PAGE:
Fujigaya’s immediate response proves that he hasn’t been completely absent to everything that’s been going on. “Just what the fuck do you want me to do? I can’t talk to anyone without you giving me those looks of yours.”
“I do not give you looks, you’re not even around for me to look at!”
“You look like you’re expecting me to say something wrong and ruin all your wonderful handiwork. So fucking type A! Your precious Sen-chan can only be talked to with a certain tone of voice and darling Nika-chan should be treated like glass and —”
“That’s just bullshit,” Kitayama snarls, “Excuses! You’re always just running away to other people’s dressing rooms! Afraid to stick around when the going gets tough!”
This makes Fujigaya as angry as a cat, spitting and cussing.
Kitayama hangs up before he can say anything more that he’ll regret in the morning.
Rationally, Kitayama realizes he's asking for a bit much. There's no way Fujigaya (or anyone, really) would know how much of a hard time he's having if he refuses to show it. His pride won't let him be anything other than strong for the people he wants to take care of. The paradox is that although he's proud of his mask of solidarity, all he wants is someone who will see through it.
Fujigaya hates when the group is fighting and awkward like this. He hates how easily words like “break up” and “quit” and “never” get thrown around; he hates the scared look that he finds on Senga’s face; he hates the antagonistic looks that Yokoo shoots everyone; he hates that he can’t fix things like usual with a tsukkomi and a laugh. But more than anything else, he hates how weak he is in the face of it all. And if he's going to be totally honest, sometimes he does try run to away from it, because he hates that he doesn’t know how to help Kitayama shoulder the burden.
By the time Monday’s practice comes around, the weekend has given everyone some much-needed time away from each other. Yokoo and Nikaido don’t flare up at the sight of each other anymore, and Tamamori stops cringing every time he takes a wrong step during practice, as if the group dynamic hinges on his dance being perfect.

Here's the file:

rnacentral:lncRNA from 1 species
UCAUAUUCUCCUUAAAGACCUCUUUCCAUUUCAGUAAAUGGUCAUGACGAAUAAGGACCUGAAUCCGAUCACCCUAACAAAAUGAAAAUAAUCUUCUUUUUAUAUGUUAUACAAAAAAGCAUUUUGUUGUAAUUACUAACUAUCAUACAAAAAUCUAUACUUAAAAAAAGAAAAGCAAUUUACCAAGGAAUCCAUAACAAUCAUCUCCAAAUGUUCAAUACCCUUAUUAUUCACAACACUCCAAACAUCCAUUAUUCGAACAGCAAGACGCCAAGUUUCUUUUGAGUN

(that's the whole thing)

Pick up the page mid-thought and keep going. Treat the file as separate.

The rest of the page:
Kitayama looks terrible, though, and the guilt everyone feels for causing their leader stress is reflected on their faces, but nobody knows how to approach the eldest when he’s burnt out and closed off like this. Fujigaya decides this is one of those times when he should apologize first, even if he’s done nothing wrong.
He sits down on the floor, next to where Kitayama's sitting with his eyes closed and back against the wall, and tugs gently until the older man’s head is resting on his shoulder.
“We’re sorry for fighting, onii-san,” he says, trying to put a smile into his voice so that Kitayama can hear it, “Looks like we had to rely on you again. Otsukaresama.”
In response, Kitayama slides down farther so that his face is buried in Fujigaya’s lap. He snakes an arm around Fujigaya’s waist and holds on tight.
Fujigaya doesn’t say anything like “it’s okay to cry” because he knows Kitayama would never do that in front of any of them. Instead, he runs his fingers through the other man’s hair and gently massages his scalp until Kitayama relaxes, bit by little bit, and dozes off.
When the other members notice, they go off one by one to distract the dance instructor, with the result that their five minute break gets extended to a half hour.
“You used to really call me onii-san,” Kitayama says over the phone with a sleepy yawn. “Whatever happened to that?”
“I realized that I don’t want to be your little brother. You have too many of those.”
“Hey! Is that another jab at my age? I’ll have you know I’m in my prime…!”
Fujigaya’s laughter is a panacea, and Kitayama doesn’t know how he could ever have gotten upset with someone who makes him feel so warm inside.
“Silly. If you have to take care of me as a little brother too, then who will you lean on?”
1. This one pretty much wrote itself, so I disclaim myself from any weird wording or pacing or whatever! ;;; lol. (Btw, titles for both fics stolen from Rob Thomas's Now Comes The Night :x)